6. A method for removing noxious substances selected from the group consisting of mercury, mercury compounds, polycyclic aromatic compounds, polynuclear aromatic compounds, heavy metals and heavy metal compounds from an exhaust gas stream wherein said gas stream is passed through a granular adsorbent bed consisting of a granular mixture of granular high-carbon material, optionally impregnated with sulphur, and a granular inert material having a bulk density which is 0.8 to 3 times the bulk density of said high-carbon material.
Description
DESCRIPTION

This invention relates to a method of separating noxious substances from an exhaust gas stream which is passed through a bed of a granular adsorbent. The noxious substances preferably include mercury or mercury compounds, but also polycyclic or polynuclear aromatic hydrocarbons, in particular dioxins and furans as well as other heavy metals and/or heavy metal compounds.

The removal of in particular metallic mercury from gases is known; in the U.S. Pat. Nos. 4,101,631; 4,500,327; and 4,814,152 zeolites or activated carbon impregnated with sulfur are used for this purpose. In the method known from DE-A-4326450 low-aluminum zeolites are employed, which may likewise be impregnated with sulfur.

Gases of various origin, in particular exhaust gases from waste incineration plants, contain for instance dust, unburnt hydrocarbons, hydrogen halides, as well as sulfur oxides, nitrogen oxides, heavy metals and heavy metal compounds, but also dioxins and furans. For separating these substances, various cleaning methods are used. In particular for separating mercury and mercury compounds as well as dioxins and furans an additional separation stage is usually required as last stage before the chimney. For this purpose, carbonaceous powders or beds of granular activated carbon or granular activated coke may be used. A disadvantage of these carbonaceous materials is the latent risk of fire, where self-ignition is also possible. Moreover, the co-adsorption of other gas constituents, such as trace amounts of SO2, often leads to the quick depletion and sooting or caking of the adsorbent, so that it must frequently be changed.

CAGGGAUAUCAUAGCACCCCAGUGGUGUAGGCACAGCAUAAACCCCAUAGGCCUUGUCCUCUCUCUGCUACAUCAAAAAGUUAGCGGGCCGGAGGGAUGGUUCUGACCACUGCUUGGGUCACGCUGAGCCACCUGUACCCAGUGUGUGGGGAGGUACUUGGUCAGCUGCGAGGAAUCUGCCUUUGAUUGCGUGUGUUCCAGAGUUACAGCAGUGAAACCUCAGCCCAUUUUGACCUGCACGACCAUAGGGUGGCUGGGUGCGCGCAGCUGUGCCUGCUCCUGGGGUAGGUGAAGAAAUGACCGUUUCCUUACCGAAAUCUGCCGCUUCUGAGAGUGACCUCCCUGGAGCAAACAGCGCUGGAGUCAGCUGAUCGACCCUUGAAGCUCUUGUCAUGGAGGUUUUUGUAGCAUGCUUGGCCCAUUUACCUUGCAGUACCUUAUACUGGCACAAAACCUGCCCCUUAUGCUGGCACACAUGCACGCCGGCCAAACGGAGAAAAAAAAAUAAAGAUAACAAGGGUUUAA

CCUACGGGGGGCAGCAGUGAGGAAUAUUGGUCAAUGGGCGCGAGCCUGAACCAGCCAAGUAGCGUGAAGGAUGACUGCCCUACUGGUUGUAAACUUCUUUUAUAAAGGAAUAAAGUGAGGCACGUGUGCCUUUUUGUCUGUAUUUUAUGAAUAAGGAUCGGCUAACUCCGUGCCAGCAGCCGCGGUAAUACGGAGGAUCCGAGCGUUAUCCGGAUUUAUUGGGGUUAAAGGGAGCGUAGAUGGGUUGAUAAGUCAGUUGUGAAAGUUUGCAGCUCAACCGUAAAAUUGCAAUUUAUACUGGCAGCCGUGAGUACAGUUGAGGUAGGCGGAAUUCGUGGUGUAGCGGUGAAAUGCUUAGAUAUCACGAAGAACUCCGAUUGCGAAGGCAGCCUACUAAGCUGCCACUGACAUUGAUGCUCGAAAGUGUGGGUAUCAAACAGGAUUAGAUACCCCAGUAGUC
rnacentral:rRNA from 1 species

It is the object underlying the invention to overcome the risk of fire and the problem of sooting and caking in the bed in the above-stated method. In accordance with the invention this object is solved in that the bed consists of the mixture of a granular high-carbon material and a granular inert material, where the bulk density of the inert material is 0.8 to 3 times the bulk density of the carbonaceous material. Adding the inert material provides for long dwell times and in particular high separation efficiencies for heavy metals, dioxins and furans. In continuous use neither ignition nor selfheating phenomena are observed, and there is no sooting and caking. Nascent heat of adsorption is absorbed by the inert material and dissipated, so that there is no accumulation of heat.

The gas may vertically or horizontally flow through the bed, which consists of the granular mixture of the high-carbon material and the inert material. The bed is usually provided in a container as fixed bed or as moving bed. It was found to be expedient to pass the gas through the bed at an empty-tube flow rate of 0.1 to 0.5 m/sec. The dwell time of the gas in the bed depends on the concentration of the substances to be separated and usually lies in the range from 0.5 to 5 sec.